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a. A small hole or perforation, usually rimmed with metal, cord, fabric, or leather, used for fastening with a cord or hook.
b. A metal ring designed to reinforce such a hole; a grommet.
2. A small hole edged with embroidered stitches as part of a design.
3. A peephole.
4. A small eye.

[Alteration (influenced by eye) of Middle English oilet, from Old French oillet, diminutive of oil, eye, from Latin oculus; see okw- in Indo-European roots.]


1. (Clothing & Fashion) a small hole for a lace or cord to be passed through or for a hook to be inserted into
2. (Mechanical Engineering) a small metal ring or tube with flared ends bent back, reinforcing an eyehole in fabric
3. a chink or small opening, such as a peephole in a wall
4. (Knitting & Sewing) embroidery
a. a small hole with finely stitched edges, forming part of an ornamental pattern
b. Also called: eyelet embroidery a piece of embroidery decorated with such work
5. (Knitting & Sewing) fabric decorated with such work produced by machine
6. a small eye or eyelike marking
(tr) to supply with an eyelet or eyelets
[C14: from Old French oillet, literally: a little eye, from oill eye, from Latin oculus eye; see eye1]


(ˈaɪ lɪt)

1. a small hole for the passage of a cord or lace or for decoration.
2. a lightweight fabric pierced by small holes finished with stitching, often arranged in flowerlike designs.
3. a metal ring for lining a small hole; grommet.
[1350–1400; Middle English oillet < Old French oillet, derivative of oill eye (< Latin oculus) + -et -et; influenced by eye]
ThesaurusAntonymsRelated WordsSynonymsLegend:
Noun1.eyelet - a small hole (usually round and finished around the edges) in cloth or leather for the passage of a cord or hook or bareyelet - a small hole (usually round and finished around the edges) in cloth or leather for the passage of a cord or hook or bar
boot - footwear that covers the whole foot and lower leg
curtain, drape, drapery, pall, mantle - hanging cloth used as a blind (especially for a window)
garment - an article of clothing; "garments of the finest silk"
hole - an opening deliberately made in or through something
2.eyelet - fastener consisting of a metal ring for lining a small hole to permit the attachment of cords or lineseyelet - fastener consisting of a metal ring for lining a small hole to permit the attachment of cords or lines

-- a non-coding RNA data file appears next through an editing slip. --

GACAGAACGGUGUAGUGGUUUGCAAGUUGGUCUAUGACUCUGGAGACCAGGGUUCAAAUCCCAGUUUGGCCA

fastening, holdfast, fastener, fixing - restraint that attaches to something or holds something in place
عِنِيَّه، ثَقْب في طَرَف الثَّوْب
òráîarauga; útsaumaî gat í gatasaumi


[ˈaɪlɪt] Nojete m


[ˈaɪlɪt] nocchiello


(ai) noun
1. the part of the body with which one sees. Open your eyes; She has blue eyes.
2. anything like or suggesting an eye, eg the hole in a needle, the loop or ring into which a hook connects etc.
3. a talent for noticing and judging a particular type of thing. She has an eye for detail/colour/beauty.
to look at, observe. The boys were eyeing the girls at the dance; The thief eyed the policeman warily.
ˈeyeball noun
1. the whole rounded structure of the eye.
2. the part of the eye between the eyelids.
ˈeyebrow noun
the curved line of hair above each eye.
ˈeye-catching adjective
striking or noticeable, especially if attractive. an eye-catching advertisement.
ˈeyelash noun
one of the (rows of) hairs that grow on the edge of the eyelids. She looked at him through her eyelashes.
ˈeyelet (-lit) noun
a small hole in fabric etc for a cord etc.
ˈeyelid noun
the movable piece of skin that covers or uncovers the eye.
ˈeye-opener noun
something that reveals an unexpected fact etc. Our visit to their office was a real eye-opener – they are so inefficient!
ˈeye-piece noun
the part of a telescope etc to which one puts one's eye.
ˈeyeshadow noun
a kind of coloured make-up worn around the eyes.
ˈeyesight noun